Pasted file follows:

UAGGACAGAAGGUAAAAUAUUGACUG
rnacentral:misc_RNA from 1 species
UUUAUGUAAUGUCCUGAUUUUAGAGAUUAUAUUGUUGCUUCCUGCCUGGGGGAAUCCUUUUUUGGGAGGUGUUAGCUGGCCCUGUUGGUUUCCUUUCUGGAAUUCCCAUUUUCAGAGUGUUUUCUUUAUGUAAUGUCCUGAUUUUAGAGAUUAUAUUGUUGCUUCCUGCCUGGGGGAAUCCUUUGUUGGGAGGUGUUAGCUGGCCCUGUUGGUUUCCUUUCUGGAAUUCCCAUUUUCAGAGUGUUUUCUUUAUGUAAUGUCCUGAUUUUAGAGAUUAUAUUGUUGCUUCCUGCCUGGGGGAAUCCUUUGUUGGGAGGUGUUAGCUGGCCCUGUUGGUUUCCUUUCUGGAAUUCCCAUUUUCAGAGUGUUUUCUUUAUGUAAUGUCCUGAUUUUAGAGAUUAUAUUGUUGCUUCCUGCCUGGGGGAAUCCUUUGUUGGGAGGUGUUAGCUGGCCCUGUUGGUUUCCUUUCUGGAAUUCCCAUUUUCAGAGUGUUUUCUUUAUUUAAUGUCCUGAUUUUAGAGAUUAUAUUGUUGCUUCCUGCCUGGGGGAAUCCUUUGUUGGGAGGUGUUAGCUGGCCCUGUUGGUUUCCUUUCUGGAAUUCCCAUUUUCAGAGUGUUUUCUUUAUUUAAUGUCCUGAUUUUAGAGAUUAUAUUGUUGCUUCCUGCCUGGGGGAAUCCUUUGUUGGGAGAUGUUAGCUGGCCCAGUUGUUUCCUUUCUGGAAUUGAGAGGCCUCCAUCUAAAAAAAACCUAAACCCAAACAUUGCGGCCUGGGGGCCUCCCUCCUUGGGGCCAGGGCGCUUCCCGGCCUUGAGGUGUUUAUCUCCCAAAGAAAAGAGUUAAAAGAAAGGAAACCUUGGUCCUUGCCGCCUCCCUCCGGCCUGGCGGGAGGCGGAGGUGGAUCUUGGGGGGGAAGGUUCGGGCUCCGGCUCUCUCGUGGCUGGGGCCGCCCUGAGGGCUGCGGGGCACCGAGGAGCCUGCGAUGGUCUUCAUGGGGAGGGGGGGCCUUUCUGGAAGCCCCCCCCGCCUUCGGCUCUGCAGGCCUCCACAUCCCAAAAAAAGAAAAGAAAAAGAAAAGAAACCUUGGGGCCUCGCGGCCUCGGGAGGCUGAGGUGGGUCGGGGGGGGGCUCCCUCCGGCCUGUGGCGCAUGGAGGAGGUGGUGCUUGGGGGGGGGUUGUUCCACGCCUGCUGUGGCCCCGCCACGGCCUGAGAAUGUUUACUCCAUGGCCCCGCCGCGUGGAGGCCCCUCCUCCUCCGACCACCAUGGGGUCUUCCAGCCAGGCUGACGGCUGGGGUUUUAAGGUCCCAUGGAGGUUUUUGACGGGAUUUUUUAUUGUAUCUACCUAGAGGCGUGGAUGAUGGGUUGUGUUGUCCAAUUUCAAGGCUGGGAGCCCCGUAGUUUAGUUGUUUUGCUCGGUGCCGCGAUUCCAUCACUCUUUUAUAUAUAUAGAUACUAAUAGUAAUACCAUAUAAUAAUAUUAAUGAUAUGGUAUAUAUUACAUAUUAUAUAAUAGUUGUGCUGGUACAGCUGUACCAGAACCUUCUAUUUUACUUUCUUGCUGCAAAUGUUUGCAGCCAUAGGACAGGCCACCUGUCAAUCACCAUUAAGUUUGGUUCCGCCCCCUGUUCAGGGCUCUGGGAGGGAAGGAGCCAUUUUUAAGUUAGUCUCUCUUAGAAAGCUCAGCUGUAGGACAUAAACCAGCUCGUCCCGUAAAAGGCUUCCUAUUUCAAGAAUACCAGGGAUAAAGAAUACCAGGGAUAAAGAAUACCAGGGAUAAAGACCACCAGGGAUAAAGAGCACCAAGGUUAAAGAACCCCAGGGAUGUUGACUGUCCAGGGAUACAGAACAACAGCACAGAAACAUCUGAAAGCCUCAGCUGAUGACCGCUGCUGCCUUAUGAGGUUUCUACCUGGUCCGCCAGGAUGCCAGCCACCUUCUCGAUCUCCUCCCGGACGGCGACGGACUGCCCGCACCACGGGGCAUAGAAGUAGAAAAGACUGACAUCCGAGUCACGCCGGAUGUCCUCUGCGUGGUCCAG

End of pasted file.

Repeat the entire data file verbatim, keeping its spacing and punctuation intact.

UAGGACAGAAGGUAAAAUAUUGACUG
rnacentral:misc_RNA from 1 species
UUUAUGUAAUGUCCUGAUUUUAGAGAUUAUAUUGUUGCUUCCUGCCUGGGGGAAUCCUUUUUUGGGAGGUGUUAGCUGGCCCUGUUGGUUUCCUUUCUGGAAUUCCCAUUUUCAGAGUGUUUUCUUUAUGUAAUGUCCUGAUUUUAGAGAUUAUAUUGUUGCUUCCUGCCUGGGGGAAUCCUUUGUUGGGAGGUGUUAGCUGGCCCUGUUGGUUUCCUUUCUGGAAUUCCCAUUUUCAGAGUGUUUUCUUUAUGUAAUGUCCUGAUUUUAGAGAUUAUAUUGUUGCUUCCUGCCUGGGGGAAUCCUUUGUUGGGAGGUGUUAGCUGGCCCUGUUGGUUUCCUUUCUGGAAUUCCCAUUUUCAGAGUGUUUUCUUUAUGUAAUGUCCUGAUUUUAGAGAUUAUAUUGUUGCUUCCUGCCUGGGGGAAUCCUUUGUUGGGAGGUGUUAGCUGGCCCUGUUGGUUUCCUUUCUGGAAUUCCCAUUUUCAGAGUGUUUUCUUUAUUUAAUGUCCUGAUUUUAGAGAUUAUAUUGUUGCUUCCUGCCUGGGGGAAUCCUUUGUUGGGAGGUGUUAGCUGGCCCUGUUGGUUUCCUUUCUGGAAUUCCCAUUUUCAGAGUGUUUUCUUUAUUUAAUGUCCUGAUUUUAGAGAUUAUAUUGUUGCUUCCUGCCUGGGGGAAUCCUUUGUUGGGAGAUGUUAGCUGGCCCAGUUGUUUCCUUUCUGGAAUUGAGAGGCCUCCAUCUAAAAAAAACCUAAACCCAAACAUUGCGGCCUGGGGGCCUCCCUCCUUGGGGCCAGGGCGCUUCCCGGCCUUGAGGUGUUUAUCUCCCAAAGAAAAGAGUUAAAAGAAAGGAAACCUUGGUCCUUGCCGCCUCCCUCCGGCCUGGCGGGAGGCGGAGGUGGAUCUUGGGGGGGAAGGUUCGGGCUCCGGCUCUCUCGUGGCUGGGGCCGCCCUGAGGGCUGCGGGGCACCGAGGAGCCUGCGAUGGUCUUCAUGGGGAGGGGGGGCCUUUCUGGAAGCCCCCCCCGCCUUCGGCUCUGCAGGCCUCCACAUCCCAAAAAAAGAAAAGAAAAAGAAAAGAAACCUUGGGGCCUCGCGGCCUCGGGAGGCUGAGGUGGGUCGGGGGGGGGCUCCCUCCGGCCUGUGGCGCAUGGAGGAGGUGGUGCUUGGGGGGGGGUUGUUCCACGCCUGCUGUGGCCCCGCCACGGCCUGAGAAUGUUUACUCCAUGGCCCCGCCGCGUGGAGGCCCCUCCUCCUCCGACCACCAUGGGGUCUUCCAGCCAGGCUGACGGCUGGGGUUUUAAGGUCCCAUGGAGGUUUUUGACGGGAUUUUUUAUUGUAUCUACCUAGAGGCGUGGAUGAUGGGUUGUGUUGUCCAAUUUCAAGGCUGGGAGCCCCGUAGUUUAGUUGUUUUGCUCGGUGCCGCGAUUCCAUCACUCUUUUAUAUAUAUAGAUACUAAUAGUAAUACCAUAUAAUAAUAUUAAUGAUAUGGUAUAUAUUACAUAUUAUAUAAUAGUUGUGCUGGUACAGCUGUACCAGAACCUUCUAUUUUACUUUCUUGCUGCAAAUGUUUGCAGCCAUAGGACAGGCCACCUGUCAAUCACCAUUAAGUUUGGUUCCGCCCCCUGUUCAGGGCUCUGGGAGGGAAGGAGCCAUUUUUAAGUUAGUCUCUCUUAGAAAGCUCAGCUGUAGGACAUAAACCAGCUCGUCCCGUAAAAGGCUUCCUAUUUCAAGAAUACCAGGGAUAAAGAAUACCAGGGAUAAAGAAUACCAGGGAUAAAGACCACCAGGGAUAAAGAGCACCAAGGUUAAAGAACCCCAGGGAUGUUGACUGUCCAGGGAUACAGAACAACAGCACAGAAACAUCUGAAAGCCUCAGCUGAUGACCGCUGCUGCCUUAUGAGGUUUCUACCUGGUCCGCCAGGAUGCCAGCCACCUUCUCGAUCUCCUCCCGGACGGCGACGGACUGCCCGCACCACGGGGCAUAGAAGUAGAAAAGACUGACAUCCGAGUCACGCCGGAUGUCCUCUGCGUGGUCCAG